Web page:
Autistic New Yorkers Share Their Stim-Toy Stories With 'Aftereffect'
Editor's note: As WNYC Studio's Aftereffect podcast explains, we followed the preference of many self-advocates in choosing to use identity-first language for autism. Here's a post from the Autistic Self-Advocacy Network to explain that approach.
Arnaldo Rios Soto, 28
In Arnaldo Rios Soto's North Miami neighborhood, neighbors knew the now-28-year-old as the man with the toy trucks.
His favorite was a shiny silver tanker that he named based on its logo, "Celulares Telefónica," for the Puerto Rican phone company. He took it everywhere with him, on walks to the park and to the corner store.
He'd twist it around and around in his fingers, sometimes rubbing its smooth surface against his cheek. But on July 18, 2016, North Miami police officers mistook Arnaldo's toy for a gun. The consequences of that misinterpretation play out over eight episodes in the new WNYC Studios podcast Aftereffect.
Through this reporting I also talked to autistic adults about how they've felt misjudged for carrying stim toys, like Arnaldo's truck.
In the summer of 2016, a police shooting upended the life of Arnaldo Rios Soto, a 26-year old, nonspeaking, autistic man. Aftereffect tells Arnaldo's story — a hidden world of psych wards, physical abuse and chemical restraints — and asks the question: What made Arnaldo's life go so wrong? You can find the episodes here.
WNYC's health coverage and Aftereffect is supported in part by the Robert Wood Johnson Foundation, Jane and Gerald Katcher and the Katcher Family Foundation, Science Sandbox, an initiative of the Simons Foundation, and the Alfred P. Sloan Foundation.
Thanks also to the Rosalynn Carter Fellowship for Mental Health Journalism.
Stim toys are objects that people on the spectrum (or anyone else) can use to make soothing repetitive movements. When you feel overwhelmed with sensory input, as a lot of autistic people often feel, stim toys can help settle all that noise by giving you one specific thing to home in on.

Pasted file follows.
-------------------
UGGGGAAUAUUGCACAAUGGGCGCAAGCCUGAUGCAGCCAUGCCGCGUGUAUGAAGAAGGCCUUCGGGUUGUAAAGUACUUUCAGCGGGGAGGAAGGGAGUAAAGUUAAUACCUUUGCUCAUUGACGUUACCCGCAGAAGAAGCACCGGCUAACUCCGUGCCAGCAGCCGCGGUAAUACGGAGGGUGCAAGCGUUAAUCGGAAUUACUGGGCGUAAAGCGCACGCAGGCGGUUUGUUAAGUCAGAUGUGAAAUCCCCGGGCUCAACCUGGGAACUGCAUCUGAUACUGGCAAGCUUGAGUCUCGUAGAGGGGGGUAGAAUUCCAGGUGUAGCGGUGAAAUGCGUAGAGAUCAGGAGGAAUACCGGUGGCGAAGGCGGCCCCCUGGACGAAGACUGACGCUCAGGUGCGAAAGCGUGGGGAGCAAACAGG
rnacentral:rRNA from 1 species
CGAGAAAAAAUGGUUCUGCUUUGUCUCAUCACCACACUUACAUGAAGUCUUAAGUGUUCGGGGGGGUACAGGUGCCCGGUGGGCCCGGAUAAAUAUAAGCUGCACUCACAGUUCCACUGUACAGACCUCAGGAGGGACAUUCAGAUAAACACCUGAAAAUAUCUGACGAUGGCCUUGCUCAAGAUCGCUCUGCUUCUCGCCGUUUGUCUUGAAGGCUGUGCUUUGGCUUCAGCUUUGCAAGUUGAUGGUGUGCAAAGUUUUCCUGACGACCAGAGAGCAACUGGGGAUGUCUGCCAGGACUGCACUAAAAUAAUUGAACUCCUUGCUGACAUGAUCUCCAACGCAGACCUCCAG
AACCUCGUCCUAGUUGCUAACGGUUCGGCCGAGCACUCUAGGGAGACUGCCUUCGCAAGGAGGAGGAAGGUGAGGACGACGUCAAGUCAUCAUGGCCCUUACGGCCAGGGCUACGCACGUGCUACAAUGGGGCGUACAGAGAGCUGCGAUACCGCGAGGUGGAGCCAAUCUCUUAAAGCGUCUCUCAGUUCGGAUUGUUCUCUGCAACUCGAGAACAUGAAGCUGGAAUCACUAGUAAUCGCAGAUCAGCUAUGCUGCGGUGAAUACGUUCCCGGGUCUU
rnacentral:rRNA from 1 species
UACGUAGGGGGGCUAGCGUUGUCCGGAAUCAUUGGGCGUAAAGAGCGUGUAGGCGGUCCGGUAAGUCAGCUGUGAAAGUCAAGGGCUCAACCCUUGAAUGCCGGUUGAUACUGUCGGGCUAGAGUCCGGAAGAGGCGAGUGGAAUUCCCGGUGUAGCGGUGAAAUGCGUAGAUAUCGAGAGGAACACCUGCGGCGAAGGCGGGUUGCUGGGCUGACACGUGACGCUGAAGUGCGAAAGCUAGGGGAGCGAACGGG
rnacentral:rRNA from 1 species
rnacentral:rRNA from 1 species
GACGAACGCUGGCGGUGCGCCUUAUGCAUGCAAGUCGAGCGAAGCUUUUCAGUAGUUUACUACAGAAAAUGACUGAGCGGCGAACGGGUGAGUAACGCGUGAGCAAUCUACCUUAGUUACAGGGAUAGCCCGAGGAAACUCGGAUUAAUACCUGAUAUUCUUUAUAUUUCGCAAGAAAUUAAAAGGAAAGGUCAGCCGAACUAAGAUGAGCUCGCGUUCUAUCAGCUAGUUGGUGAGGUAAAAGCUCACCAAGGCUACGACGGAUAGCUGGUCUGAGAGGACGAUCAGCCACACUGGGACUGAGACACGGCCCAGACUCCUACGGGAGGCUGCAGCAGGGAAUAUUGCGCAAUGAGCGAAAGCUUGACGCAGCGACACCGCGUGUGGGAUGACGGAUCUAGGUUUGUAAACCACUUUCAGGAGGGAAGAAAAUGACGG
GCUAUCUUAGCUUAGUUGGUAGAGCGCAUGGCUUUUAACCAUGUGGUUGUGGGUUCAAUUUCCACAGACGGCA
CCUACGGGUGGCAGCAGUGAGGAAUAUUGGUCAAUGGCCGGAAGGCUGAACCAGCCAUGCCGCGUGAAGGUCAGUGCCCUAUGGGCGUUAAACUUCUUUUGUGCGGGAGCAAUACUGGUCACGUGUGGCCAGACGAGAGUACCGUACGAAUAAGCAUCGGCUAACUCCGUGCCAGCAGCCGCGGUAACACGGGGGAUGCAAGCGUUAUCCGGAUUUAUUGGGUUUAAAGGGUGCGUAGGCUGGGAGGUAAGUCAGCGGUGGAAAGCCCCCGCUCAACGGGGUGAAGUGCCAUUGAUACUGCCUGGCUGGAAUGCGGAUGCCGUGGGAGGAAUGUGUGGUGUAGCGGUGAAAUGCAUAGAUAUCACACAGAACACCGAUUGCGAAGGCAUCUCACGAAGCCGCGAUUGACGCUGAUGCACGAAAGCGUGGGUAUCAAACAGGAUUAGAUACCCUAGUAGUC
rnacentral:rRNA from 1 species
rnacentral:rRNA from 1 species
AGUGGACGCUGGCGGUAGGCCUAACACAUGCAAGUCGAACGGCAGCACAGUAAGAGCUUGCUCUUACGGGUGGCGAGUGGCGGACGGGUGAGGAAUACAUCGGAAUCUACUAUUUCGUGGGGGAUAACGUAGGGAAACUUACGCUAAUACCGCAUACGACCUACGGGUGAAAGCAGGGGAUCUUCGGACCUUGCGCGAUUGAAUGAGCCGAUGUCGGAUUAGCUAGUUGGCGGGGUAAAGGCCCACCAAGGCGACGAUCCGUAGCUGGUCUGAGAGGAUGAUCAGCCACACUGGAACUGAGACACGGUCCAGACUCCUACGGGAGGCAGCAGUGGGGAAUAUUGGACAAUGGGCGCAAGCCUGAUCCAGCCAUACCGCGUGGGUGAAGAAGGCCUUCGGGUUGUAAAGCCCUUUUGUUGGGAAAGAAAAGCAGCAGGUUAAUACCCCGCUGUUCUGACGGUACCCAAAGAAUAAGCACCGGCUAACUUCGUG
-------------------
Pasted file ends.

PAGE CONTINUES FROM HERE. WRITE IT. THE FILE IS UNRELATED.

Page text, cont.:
Recently more and more self-advocates have been reclaiming the notion of stim toys, not as markers of childishness, but as highly evolved coping mechanisms.
At WNYC we invited autistic New Yorkers from all over the spectrum to a portrait session with their favorite stim toys or other important objects, and we talked with these people about how they want to be perceived.
Jesse and Nathaniel Baryaacov, 18
Jesse and Nathaniel are identical twins. They're both nonspeaking. Jesse has preferred to carry a shoelace or other string with him since he was little. "He likes to rub it and he likes to clap it," his mom Jenny says. He uses the string both for communication and to stim. "And sometimes when he's clapping it, he's happy and he laughs," Jenny explains. "And sometimes he's stressed out so he uses it to calm himself."
Nathaniel has a preference for flat plastic or cloth that makes a clapping sound. "I think it does help him when he's tense," Jenny says. "But he does it plenty of times when he's just wandering around the house. He just likes doing it."
Mabellene Gonzales, 30